## [Yaml-core] Damn Pretty (Was:Re: our information model: a typed graph)

 [Yaml-core] Damn Pretty (Was:Re: our information model: a typed graph) From: Clark C . Evans - 2001-11-11 01:44:58 ```On Sat, Nov 10, 2001 at 08:47:05PM -0500, Clark C . Evans wrote: | The information model of YAML is a typed *graph*, | where each node can be one of three kinds, | - scalar (having no arrows) | - sequence (having an ordered set of unlabeled arrows) | - map (having an unordered set of labeled arrows) | and a type (which is an identifier unique in its context). Speaking of which... perhaps this isn't quite the right information model. Maybye it's simpler. The information model of YAML is a typed graph with labeled arrows. Yes. This is it. A sequence is just syntax sugar for a map with integer keys! This also fits in with Brian's sparce list idea. How cool. Thus, --- - a - b - c Is short hand for... --- !list 0: a 1: b 2: c Damn Pretty. I think I'm going to cry. Best, Clark ```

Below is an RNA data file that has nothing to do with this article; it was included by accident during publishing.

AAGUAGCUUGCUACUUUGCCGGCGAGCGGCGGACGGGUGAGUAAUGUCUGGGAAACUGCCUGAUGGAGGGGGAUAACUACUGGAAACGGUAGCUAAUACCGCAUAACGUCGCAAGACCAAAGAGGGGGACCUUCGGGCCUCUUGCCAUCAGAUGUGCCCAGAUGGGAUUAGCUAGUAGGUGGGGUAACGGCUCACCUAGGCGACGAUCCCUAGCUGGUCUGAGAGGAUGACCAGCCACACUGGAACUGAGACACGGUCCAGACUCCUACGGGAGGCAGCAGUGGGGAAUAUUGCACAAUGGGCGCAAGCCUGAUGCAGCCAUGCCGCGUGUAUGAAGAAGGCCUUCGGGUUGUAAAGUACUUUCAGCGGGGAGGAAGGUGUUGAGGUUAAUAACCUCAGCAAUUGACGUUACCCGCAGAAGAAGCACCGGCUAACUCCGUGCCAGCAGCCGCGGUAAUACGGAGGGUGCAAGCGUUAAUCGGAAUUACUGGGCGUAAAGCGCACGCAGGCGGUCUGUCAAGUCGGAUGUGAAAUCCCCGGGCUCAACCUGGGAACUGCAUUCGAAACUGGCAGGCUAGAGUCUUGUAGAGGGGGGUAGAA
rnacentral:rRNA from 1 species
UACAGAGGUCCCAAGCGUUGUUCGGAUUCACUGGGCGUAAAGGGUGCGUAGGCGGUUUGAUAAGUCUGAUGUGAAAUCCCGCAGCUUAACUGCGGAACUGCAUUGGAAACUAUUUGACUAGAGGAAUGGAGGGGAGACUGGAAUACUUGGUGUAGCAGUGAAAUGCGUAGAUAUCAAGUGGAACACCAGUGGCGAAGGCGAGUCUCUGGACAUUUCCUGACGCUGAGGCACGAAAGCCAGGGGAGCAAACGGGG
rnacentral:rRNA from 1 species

[Yaml-core] our information model: a typed graph From: Clark C . Evans - 2001-11-11 01:35:08 ```I want to get back to our original information model. The information model of YAML is a typed *graph*, where each node can be one of three kinds, - scalar (having no arrows) - sequence (having an ordered set of unlabeled arrows) - map (having an unordered set of labeled arrows) and a type (which is an identifier unique in its context). IMHO, if we loose this information model, we loose YAML... it only becomes a good serialization langauge and will fail as an information processing language... The goal is to have all kinds of wonderful graph transformations worked out algorithmically with pretty math proofs (this is going to be the next many years for me... after our language is set). So. That said. Let's get back to the model. I don't think that 'alias' is a type (or color) it is the sequential linking mechanism which enables the "graph" word in the model above. It's very special -- just like map and sequence. ... For "pretty printing" each scalar node can have a "style", but this style is part of the serialization mechanism and not part of the inforamtion model -- if it gets lost it *won't* change the nature of the data. Throw-away comments are in the same category. Now, there is nothing being said that these can't be preserved or round-tripped. But round tripping them is not high priority. And, since we are serializing into a tree structure, we have to introduce anchors and references to those anchors (alias). But which nodes have anchors and which do not and which are references in the serialization is *not* part of the information model. Only the information encoded by those anchors and references are part of the information model. Also, what is *not* part of the core information model is what the "types" mean. Of course we can standardize many YAML types to allow for various processing applications, but this isn't part of the core information model. Thus, one of these types can be a "pointer", but in this regard, a pointer is an application defined type and it is not part of the graph structure (although if you notice, to use a pointer so that the node can appear twice in the graph an alias is needed; thus anchors and alias). Does this make sense? Sorry if I sound like I'm flipping... but it just dawned on me that our information model changed when I wasn't looking and I'm not so happy. The *graph* part of this information model is very important to me. Ok. It's been fun. We're rockin' Best, Clark ```